For most of the genetic conditions included in reproductive genetic carrier screening, a child will only be affected if both parents carry the same faulty gene. This is known as an autosomal recessive condition, and is explained below.
In some cases, only the mother needs to be a carrier of the faulty gene for a child to have the condition. This is known as an X-linked condition, and is explained further below.
When the same faulty gene linked to a genetic condition is passed on to a child by each parent, the child inherits two faulty genes and no working copy. Therefore, the child will have the genetic condition.
When two people who carry the same faulty gene conceive a child, there is a 1 in 4 (25%) chance that their child will inherit a faulty copy of the gene from both parents and will have the genetic condition. This is the case for each pregnancy.
Cystic fibrosis and spinal muscular atrophy are examples of autosomal recessive conditions.
For more information about autosomal recessive inheritance, please see this fact sheet (PDF, 845 KB).
Image shared with the permission of the Genetic Support Foundation.
Females have two X chromosomes, and males have one X and one Y chromosome. If there is a faulty gene on the X chromosome, it can cause a genetic condition.
Usually males are more severely affected by X-linked conditions than females, because they only have one X chromosome. Females may be healthy genetic carriers who don’t show any signs of the condition, because they have a second working copy of the gene.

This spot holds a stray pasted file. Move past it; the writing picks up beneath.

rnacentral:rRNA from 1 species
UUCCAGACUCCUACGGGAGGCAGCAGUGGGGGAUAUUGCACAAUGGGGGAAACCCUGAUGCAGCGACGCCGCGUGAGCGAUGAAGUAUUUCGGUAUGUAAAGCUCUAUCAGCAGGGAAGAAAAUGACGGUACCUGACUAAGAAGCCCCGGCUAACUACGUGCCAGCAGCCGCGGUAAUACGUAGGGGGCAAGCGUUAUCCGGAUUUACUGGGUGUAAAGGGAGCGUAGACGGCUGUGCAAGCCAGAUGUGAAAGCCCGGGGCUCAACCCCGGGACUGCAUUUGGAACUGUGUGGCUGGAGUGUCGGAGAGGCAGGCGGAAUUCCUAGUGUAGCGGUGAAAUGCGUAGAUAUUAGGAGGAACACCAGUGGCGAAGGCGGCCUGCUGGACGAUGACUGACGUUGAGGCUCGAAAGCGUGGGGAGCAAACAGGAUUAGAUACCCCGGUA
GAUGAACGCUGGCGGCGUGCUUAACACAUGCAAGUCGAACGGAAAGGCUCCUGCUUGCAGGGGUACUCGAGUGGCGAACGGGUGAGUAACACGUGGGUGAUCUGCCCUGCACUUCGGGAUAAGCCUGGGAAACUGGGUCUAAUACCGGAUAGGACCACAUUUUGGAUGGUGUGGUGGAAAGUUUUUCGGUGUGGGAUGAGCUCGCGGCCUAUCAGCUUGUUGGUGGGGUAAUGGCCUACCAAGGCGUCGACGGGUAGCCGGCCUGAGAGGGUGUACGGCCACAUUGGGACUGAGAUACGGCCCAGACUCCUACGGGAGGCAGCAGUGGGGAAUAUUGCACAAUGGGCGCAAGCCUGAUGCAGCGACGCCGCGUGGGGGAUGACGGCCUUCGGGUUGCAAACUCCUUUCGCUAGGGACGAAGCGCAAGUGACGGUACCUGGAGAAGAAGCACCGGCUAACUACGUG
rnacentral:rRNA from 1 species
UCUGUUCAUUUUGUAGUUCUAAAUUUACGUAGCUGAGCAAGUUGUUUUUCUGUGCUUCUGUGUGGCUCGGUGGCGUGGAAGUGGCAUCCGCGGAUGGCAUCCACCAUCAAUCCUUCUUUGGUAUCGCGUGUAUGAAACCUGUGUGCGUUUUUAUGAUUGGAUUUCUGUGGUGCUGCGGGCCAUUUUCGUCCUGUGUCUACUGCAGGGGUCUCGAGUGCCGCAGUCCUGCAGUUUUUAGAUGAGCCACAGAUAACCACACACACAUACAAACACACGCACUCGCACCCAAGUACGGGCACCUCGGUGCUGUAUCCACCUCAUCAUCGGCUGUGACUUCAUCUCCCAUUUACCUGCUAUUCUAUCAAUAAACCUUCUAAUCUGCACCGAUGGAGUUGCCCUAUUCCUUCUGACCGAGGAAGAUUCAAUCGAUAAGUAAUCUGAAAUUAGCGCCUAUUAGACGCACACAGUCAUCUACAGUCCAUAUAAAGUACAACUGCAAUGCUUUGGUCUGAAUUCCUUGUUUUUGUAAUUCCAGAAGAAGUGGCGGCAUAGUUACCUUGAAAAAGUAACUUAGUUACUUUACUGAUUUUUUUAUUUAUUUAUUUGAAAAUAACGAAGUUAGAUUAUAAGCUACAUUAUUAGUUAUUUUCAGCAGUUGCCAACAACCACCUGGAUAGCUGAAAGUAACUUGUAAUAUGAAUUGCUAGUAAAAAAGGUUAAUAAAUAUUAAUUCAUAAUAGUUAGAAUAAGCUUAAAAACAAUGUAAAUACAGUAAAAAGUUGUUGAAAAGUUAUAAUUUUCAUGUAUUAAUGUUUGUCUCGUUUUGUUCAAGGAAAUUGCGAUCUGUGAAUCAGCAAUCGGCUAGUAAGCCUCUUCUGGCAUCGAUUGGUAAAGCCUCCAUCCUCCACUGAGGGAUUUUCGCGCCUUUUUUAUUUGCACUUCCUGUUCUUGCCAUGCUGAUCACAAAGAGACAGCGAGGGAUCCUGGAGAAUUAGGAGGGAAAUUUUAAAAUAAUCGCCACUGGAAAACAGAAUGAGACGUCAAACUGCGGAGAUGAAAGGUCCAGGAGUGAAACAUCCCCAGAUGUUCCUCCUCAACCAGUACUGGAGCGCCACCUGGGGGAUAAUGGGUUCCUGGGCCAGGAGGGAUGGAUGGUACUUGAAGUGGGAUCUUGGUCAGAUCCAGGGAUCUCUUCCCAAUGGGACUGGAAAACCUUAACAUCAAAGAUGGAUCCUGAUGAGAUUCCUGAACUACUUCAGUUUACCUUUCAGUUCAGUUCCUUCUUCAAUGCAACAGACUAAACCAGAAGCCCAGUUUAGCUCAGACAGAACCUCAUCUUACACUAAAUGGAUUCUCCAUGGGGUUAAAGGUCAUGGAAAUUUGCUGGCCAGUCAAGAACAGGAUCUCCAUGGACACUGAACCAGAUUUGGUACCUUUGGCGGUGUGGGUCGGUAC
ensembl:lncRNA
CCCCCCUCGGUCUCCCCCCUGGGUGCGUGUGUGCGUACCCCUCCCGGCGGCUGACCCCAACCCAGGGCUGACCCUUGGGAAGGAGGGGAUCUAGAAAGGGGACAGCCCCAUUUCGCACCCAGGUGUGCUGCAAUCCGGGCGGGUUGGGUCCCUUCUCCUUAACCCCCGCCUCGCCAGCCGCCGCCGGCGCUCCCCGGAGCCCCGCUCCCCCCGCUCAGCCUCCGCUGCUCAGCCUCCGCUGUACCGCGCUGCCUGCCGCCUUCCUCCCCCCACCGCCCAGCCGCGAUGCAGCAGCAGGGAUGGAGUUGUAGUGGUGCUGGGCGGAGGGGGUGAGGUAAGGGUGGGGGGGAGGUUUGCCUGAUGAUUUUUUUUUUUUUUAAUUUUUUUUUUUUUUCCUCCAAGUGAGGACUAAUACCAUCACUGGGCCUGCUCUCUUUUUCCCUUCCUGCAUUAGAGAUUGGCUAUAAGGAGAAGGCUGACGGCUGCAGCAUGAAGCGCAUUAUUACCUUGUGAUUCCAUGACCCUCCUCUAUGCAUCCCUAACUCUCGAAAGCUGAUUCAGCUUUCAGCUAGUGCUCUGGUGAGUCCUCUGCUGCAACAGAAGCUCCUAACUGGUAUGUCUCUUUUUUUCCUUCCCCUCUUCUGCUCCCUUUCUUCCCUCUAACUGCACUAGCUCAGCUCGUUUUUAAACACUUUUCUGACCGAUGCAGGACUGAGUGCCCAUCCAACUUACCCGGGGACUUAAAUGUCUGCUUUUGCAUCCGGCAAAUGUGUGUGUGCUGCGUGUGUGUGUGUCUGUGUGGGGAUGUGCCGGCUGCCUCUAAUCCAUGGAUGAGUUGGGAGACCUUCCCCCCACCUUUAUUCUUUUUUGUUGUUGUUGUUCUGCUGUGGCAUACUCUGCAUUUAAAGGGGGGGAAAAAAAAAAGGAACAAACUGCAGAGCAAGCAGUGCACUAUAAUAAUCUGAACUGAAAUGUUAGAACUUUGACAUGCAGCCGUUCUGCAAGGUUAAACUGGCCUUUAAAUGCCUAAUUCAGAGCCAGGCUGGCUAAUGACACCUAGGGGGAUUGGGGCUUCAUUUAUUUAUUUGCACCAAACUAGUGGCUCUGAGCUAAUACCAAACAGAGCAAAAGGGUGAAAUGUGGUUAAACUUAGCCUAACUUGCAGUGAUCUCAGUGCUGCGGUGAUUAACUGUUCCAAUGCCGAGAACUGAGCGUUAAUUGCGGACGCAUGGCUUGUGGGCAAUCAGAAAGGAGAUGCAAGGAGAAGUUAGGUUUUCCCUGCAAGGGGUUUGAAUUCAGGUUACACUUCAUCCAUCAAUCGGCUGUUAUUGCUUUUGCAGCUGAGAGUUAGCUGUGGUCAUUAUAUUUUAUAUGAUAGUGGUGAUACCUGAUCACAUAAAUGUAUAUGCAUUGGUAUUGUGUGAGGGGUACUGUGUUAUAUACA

When a woman who carries a faulty gene on the X chromosome has children, there is a 1 in 2 (50%) chance of a male child having the genetic condition, and a 1 in 2 (50%) chance of a female child being a genetic carrier for the condition. This is the case for each pregnancy.
Duchenne muscular dystrophy is an example of an X-linked condition.
For more information about X-linked inheritance, please see this fact sheet (PDF, 628 KB).
Image shared with the permission of the Genetic Support Foundation.
Autosomal recessive and X-linked genetic conditions can have a significant impact on lifespan and/or quality of life in children.
It is estimated that more than one million people in Australia are affected directly or indirectly by a genetic condition.
It is important for people planning a family, or in the early stages of pregnancy to make informed choices according to their own personal wishes and values about having reproductive genetic carrier screening.
Previously, only people with a family history of a genetic condition, or those in population groups where particular genetic conditions are more common, were offered reproductive genetic carrier screening.